In spite of having such low power demands, The MSP430 MCUs come with a variety of features. It offers a mixed-signal processor consisting of a 10-, 12-, 16- bit ADC, 10-bit DAC, opamps, and comparators. The dedicated embedded emulation logic of the MSP430 MCU is located on the device itself and may be accessed through JTAG or Spy-Bi-Wire with no additional system resources. The MSP430 includes a number of high-performance mixed-signal peripherals that allow for high-performance system solutions at a lower total cost by requiring fewer external components. The MSP430 Launchpads are designed specifically for some specific purposes. For example, the MSP430FW42x is specially designed for integrating a single chip flow sensor. 

Coming to the programming aspect of these MCUs, The MSP430 MCUs support a variety of programming software and IDEs. TI’s Code Composer Studio IDE, IAR Embedded Workbench, MSP430Ware software, are a few to name. Among all these, the Energia IDE is the most popular IDE for programming the MSP430 Launchpad development boards. The open-source electronics prototyping platform, Energia, is similar to the most popular Arduino IDE. Energia is built on the Wiring and Arduino frameworks and uses the mspgcc compiler. It allows the programming of the MSP430 development boards with Arduino compatible codes. 

Moreover, the development boards are compatible with a wide range of sensors and devices. Texas Instruments also provides different MSP430 Launchpad development boards for specific applications. They are best suited for developing compact and precise instruments like digital energy meters, automation, health & medical devices, and many more. It can also integrate wireless communication devices like ZigBee, WiFi, Bluetooth, LoWPAN, and RFID.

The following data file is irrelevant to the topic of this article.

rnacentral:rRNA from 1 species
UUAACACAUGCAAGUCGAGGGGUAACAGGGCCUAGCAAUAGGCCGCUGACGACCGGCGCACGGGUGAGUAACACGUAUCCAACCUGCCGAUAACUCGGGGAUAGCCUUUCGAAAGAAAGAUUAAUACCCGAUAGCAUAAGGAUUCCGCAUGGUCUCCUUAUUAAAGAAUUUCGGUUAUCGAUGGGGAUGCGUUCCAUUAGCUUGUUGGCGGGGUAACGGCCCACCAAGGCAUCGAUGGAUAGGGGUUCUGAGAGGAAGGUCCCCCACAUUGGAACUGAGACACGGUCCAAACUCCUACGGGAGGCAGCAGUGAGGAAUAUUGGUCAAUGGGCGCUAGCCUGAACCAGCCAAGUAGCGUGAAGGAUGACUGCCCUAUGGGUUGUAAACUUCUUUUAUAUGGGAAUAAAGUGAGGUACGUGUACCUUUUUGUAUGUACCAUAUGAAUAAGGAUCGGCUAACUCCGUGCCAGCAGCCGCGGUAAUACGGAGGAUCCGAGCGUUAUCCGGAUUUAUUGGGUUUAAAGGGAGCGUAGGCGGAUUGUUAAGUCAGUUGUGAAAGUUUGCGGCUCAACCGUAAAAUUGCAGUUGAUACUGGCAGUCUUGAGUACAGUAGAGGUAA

Credits: Datasheet

Worlds Lowest Powered Microcontroller For Developing Sophisticated Hardware Solutions

The Texas Instrument MSP430 MCUs, “World’s Lowest Powered Microcontrollers”, are highly efficient and precise microcontrollers with extremely low power consumption. They are specially designed to reduce the CPU load. The MSP430 MCUs contain multiple clocks and can enable or disable them to enter different ultra-low-power operational modes. 

In the LMP3 mode, it can stay in an ultra-low power standby mode for a very long period of time and can wake up in absolutely no time upon receiving a service interrupt. Its low power requirements and high performance make it best suited for a wide range of applications in a variety of fields. Moreover, it can be interfaced with many sensors and other hardware devices for easy connectivity. This makes them best suited for a wide range of high-performance and compact applications. 

The datasheet for one of the MSP430 Launchpad boards which is the MSP430G2 Launchpad Development kit can be found here

Saumitra Jagdale is a Backend Developer, Freelance Technical Author, Global AI Ambassador (SwissCognitive), Open-source Contributor in Python projects, Leader of Tensorflow Community India, and Passionate AI/ML Enthusiast.

More from Saumitra